Time is ripe for constructive debate

I look forward to discussing the timetabled programme for the review of the Law Society's attitude and organisation, requested by the council in September;

to hearing who has been elected to the working party which will review the society's activities, as approved by the council in September;

most of all, to finding out if the president is prepared to build bridges with the council, which I believe is ready to build bridges with him.

In the article I wrote for The Lawyer about the September council meeting ('Seizing the impetus for reform' 3 October) I said: “Now the harsh words of the hustings are behind us, everyone wants to concentrate on doing what is best for the profession”. So I thought.

But it seems the president thought otherwise. His address to the national conference suggested he had put the last election campaign behind him only to embark on the next.

I also said: “The council recognised that the new president has a democratic mandate, and will consider his ideas with open minds.”

And I meant it. So it came as something of a slap in the face to the council when the president said: “Others have very politely said that they will look at each of my manifesto proposals (those so recently approved by the profession) with an open mind.

“In some cases, I suspect, the intention is to examine each proposal impartially and then reject each proposal impartially…the profession will have the chance to take its revenge.”

The profession expects its president and council to work together – settling honest differences of opinion by constructive debate.

I believe that the council is willing to work with the president. But, as I have told the president, his conference address implies that he is not willing to work with the council. It gives the impression that he wants confrontation, so he can claim sole credit for any successes and allocate the council sole blame for any failures.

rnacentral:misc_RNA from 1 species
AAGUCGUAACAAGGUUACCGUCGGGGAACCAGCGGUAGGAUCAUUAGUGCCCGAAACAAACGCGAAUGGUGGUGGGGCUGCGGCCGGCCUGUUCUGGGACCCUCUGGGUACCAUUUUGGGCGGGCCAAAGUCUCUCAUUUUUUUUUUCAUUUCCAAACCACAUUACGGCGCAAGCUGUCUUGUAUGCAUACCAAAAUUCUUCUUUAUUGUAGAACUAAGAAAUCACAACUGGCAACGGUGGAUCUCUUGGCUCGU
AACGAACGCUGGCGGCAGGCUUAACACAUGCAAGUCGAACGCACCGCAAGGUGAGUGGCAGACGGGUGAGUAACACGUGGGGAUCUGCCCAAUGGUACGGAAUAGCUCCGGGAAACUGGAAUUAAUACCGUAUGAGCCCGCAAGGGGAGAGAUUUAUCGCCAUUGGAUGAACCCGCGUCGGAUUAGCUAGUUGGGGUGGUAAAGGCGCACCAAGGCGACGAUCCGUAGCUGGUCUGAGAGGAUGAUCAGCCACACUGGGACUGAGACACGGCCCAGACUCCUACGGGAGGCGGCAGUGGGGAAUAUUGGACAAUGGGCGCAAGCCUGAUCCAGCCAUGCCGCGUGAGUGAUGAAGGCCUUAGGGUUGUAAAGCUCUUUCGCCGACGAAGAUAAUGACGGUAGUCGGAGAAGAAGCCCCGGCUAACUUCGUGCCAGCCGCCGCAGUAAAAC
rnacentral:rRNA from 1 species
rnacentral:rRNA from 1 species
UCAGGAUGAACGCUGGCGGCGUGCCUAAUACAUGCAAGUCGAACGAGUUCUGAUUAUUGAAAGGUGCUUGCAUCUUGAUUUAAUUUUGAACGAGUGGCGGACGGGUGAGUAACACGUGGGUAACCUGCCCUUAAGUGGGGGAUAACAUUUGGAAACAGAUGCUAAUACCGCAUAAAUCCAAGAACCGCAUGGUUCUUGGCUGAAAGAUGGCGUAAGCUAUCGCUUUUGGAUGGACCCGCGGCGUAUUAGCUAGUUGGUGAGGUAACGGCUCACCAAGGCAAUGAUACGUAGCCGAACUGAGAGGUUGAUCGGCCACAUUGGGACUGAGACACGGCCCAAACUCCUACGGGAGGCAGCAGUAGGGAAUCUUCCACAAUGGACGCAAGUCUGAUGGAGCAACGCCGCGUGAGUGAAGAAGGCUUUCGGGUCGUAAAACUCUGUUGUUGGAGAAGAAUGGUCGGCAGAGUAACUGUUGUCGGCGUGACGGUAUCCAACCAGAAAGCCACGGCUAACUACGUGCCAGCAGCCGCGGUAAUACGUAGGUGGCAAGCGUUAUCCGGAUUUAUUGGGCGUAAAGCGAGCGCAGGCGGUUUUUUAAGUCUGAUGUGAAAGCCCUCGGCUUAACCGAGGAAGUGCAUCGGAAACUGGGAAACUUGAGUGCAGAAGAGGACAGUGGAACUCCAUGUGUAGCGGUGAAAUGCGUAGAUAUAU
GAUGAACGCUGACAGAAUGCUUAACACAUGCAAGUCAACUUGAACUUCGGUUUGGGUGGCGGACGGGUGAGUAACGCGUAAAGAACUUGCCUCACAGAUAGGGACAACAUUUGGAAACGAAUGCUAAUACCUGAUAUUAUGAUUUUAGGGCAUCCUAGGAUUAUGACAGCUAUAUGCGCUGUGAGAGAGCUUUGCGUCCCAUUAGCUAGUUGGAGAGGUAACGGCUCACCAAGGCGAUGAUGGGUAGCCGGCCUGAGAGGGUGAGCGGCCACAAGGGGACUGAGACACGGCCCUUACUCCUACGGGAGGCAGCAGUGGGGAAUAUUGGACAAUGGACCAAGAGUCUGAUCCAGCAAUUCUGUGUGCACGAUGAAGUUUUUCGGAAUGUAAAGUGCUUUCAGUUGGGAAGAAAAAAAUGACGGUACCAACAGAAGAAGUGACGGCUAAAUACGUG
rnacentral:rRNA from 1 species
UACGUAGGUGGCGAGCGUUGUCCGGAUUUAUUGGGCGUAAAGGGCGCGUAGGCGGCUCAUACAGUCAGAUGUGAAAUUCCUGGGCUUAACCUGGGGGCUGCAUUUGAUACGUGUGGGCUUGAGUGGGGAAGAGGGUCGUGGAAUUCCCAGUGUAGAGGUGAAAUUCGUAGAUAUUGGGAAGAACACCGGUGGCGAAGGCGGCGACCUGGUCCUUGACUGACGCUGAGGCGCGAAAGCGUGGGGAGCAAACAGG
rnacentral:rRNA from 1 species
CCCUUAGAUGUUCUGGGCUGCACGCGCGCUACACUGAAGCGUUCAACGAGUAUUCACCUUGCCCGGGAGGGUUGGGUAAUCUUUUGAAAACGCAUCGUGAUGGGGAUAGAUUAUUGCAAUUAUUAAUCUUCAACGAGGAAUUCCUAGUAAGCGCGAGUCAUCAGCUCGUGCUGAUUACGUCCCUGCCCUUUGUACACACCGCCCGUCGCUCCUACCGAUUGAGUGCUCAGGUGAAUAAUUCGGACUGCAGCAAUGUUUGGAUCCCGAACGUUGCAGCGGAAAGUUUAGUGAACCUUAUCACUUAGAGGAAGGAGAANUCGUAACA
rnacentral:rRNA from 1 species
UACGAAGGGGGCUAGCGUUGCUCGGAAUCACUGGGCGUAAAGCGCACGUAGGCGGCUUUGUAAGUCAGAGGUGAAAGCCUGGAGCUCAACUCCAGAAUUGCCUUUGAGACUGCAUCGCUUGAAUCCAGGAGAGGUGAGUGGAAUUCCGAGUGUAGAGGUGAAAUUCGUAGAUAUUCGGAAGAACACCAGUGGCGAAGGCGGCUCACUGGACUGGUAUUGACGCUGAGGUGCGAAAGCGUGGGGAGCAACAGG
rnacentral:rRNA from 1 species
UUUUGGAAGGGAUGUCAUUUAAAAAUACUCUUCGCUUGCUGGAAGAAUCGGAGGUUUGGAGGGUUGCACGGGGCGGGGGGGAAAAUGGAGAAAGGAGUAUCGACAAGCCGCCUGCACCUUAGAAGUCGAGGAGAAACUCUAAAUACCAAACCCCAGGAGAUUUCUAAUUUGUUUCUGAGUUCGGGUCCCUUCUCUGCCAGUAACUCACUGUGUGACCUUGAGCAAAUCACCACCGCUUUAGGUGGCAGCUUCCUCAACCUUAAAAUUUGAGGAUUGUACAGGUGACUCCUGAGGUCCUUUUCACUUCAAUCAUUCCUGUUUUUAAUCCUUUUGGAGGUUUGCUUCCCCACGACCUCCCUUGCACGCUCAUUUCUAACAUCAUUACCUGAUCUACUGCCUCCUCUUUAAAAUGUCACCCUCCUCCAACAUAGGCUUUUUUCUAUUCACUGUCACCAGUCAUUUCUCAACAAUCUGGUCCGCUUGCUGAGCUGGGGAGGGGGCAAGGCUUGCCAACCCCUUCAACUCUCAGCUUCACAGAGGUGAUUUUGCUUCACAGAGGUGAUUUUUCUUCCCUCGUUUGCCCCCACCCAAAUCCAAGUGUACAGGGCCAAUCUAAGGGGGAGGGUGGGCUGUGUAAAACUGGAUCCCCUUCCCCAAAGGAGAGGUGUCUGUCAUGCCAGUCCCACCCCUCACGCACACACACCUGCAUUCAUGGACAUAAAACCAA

Meanwhile, there has been some wild and inaccurate talk about the discussions I have been having with various council members about reform.

There is no secret. In April, before the election, I wrote the first draft of the paper which went before the council in September.

I knew that other council members shared my concerns and my desire for reform and I invited some of them to meet me informally to discuss the draft paper.

From this emerged the reform resolutions which were placed openly before the council in September – and which the president accepted.

I have told the president I will do all I can to build bridges between the council and him. He has a programme of reform he would like to achieve.

But he has no monopoly on the desire for reform. I have a reform programme too – which has been adopted by both president and council.

My job is to represent the constituents who elected me. I am neither for the president nor against him. I will judge his proposed policies on how I think they affect the interests of the profession as a whole, and my constituents in particular.

If I think he is right, I will not be too proud to say so. If I think he is wrong, I will not be cowed by threats.

At its September meeting the council committed itself to reform. I believe the council is ready and willing to work with the president.

The October meeting may indicate whether the president is prepared to work with the council, or instead if he expects to dictate to the council.

The profession expects leadership from the president and the council. Let us give its members constructive debate, not destructive confrontation. Let us give them openness, but not selective leaks. Let us have democracy, but not an elective dictatorship.